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Thembelihle gratifies masses

By Grant Moyo

When audiences sacrifice money to buy internet data in search of gratification, it is important to create compelling and riveting content that they will opt for over the rest being brought forth every second across the globe, says digital storyteller Thembelihle Zulu Whande , copiously challenging herself to be knowledgeable about current affairs and digital trends to incur resounding audience engagement and retention.

Keeping her fingers on the pulse of the algorithm, Zulu Whande acknowledges her ability to tell stories in a broad assortment of formats on different media platforms, as her unique selling point.

Zulu Whande was born in Bulawayo where she attended several schools listing Gampu Primary School, Mgoqo Primary School, Coghlan Primary School, Townsend High School, and Petra High School. She holds an Honours Degree in Journalism and Media Studies from the National University of Science and Technology.

In 2013, Zulu Whande co-founded Khura Agency (formerly Khura Arts), an artist to business agency aspiring to give creatives exposure that pays. In the same year, she established Girl Grandeur Zimbabwe, a social club for girls and women brought about in response to the fact that women and girls do not have enough social spaces to spend time in, which has led to social ills and an increase in teenage pregnancies. One of Zulu Whande’s first jobs was working as a programme assistant at the Miss Earth Zimbabwe pageant.

She was then appointed chairperson of the Bulawayo Bin-It initiative, where she got involved in the clean ups and sourcing of bins for the city. Thriving as an intuitive blogger, Zulu Whande got her big break in advertising as a copywriter at Corporate24 Branding, and built her career working for some of Zimbabwe’s top advertising agencies such as The Jupiter Drawing Room Harare and C2 Digital. Besides being an assistant editor for Induna Magazine, she had a stint with ZiFM Stereo as an assistant producer. Closely affiliated with broadcasters like Ruvheneko Parirenyatwa, Tshila, the late Zororo Makamba, and Farai Mwakutuya, Zulu Whande produced  talk time shows that included Culture Talk, The Platform, The YZone, Mining Matters, Backstage, Our Story, Impact, Enterprise Zimbabwe and Health Matters. Being selected to take part in the Mandela Washington Fellowship for young African leaders in 2019 is one of her top achievements.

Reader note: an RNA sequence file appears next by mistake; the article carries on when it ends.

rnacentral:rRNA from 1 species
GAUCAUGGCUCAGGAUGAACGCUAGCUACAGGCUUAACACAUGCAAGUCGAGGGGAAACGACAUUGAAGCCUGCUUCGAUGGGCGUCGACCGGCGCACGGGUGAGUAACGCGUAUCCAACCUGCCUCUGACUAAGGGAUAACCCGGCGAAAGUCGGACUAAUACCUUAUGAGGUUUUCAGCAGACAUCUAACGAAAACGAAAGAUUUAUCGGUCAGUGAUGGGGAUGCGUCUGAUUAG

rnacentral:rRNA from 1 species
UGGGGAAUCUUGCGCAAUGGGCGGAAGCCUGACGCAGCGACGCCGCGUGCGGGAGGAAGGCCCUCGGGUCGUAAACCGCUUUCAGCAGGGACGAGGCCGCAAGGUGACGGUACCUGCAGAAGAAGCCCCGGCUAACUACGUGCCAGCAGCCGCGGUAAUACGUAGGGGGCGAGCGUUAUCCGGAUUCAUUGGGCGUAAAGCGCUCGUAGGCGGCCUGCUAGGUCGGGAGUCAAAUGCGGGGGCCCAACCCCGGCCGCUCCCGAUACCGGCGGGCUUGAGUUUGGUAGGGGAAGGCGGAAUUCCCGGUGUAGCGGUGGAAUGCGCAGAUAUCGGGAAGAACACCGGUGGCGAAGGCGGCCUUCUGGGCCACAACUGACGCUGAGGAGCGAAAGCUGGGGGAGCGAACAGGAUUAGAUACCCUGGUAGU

“My creative career started while I was in school. I entered a writing competition for the Umthwakazi Arts Festival and was shortlisted for the audio anthology,” Zulu Whande.

“Film director Kudzai Chikomo, who was at Radio Dialogue at the time, gave me the support required to explore writing skills. There was also a creative meet up called the Echoes Of Young Voices at the British Council, run by the former regional director of the National Art Gallery of Zimbabwe in Bulawayo, Butholezwe Nyathi.

“We would meet there and learn about art on weekends. That’s where I was shortlisted for my first ever published work in a short story anthology. I even performed a poem at the book launch. What Kudzai Chikomo and Butholezwe Nyathi did for me as a young creative, inspired me to do the same for creatives younger than me at both Girl Grandeur Zimbabwe and Khura Agency.”

Girl Grandeur Zimbabwe (GGZ) is currently a virtual community of over 500 women and girls. Through GGZ, Zulu Whande is ensuring that females have safe spaces to work, play, learn and build. The vision is to build a physical space which is accessible to women and girls with the amenities they require to be productive.

Zulu Whande teaches females how to blog and tell their own stories, in response to the self-censorship that they go through as a result of patriarchy.

“I’m a firm believer in the power of digital media, the creative industry has what it takes to alleviate societal issues such as women and youth unemployment,” she said.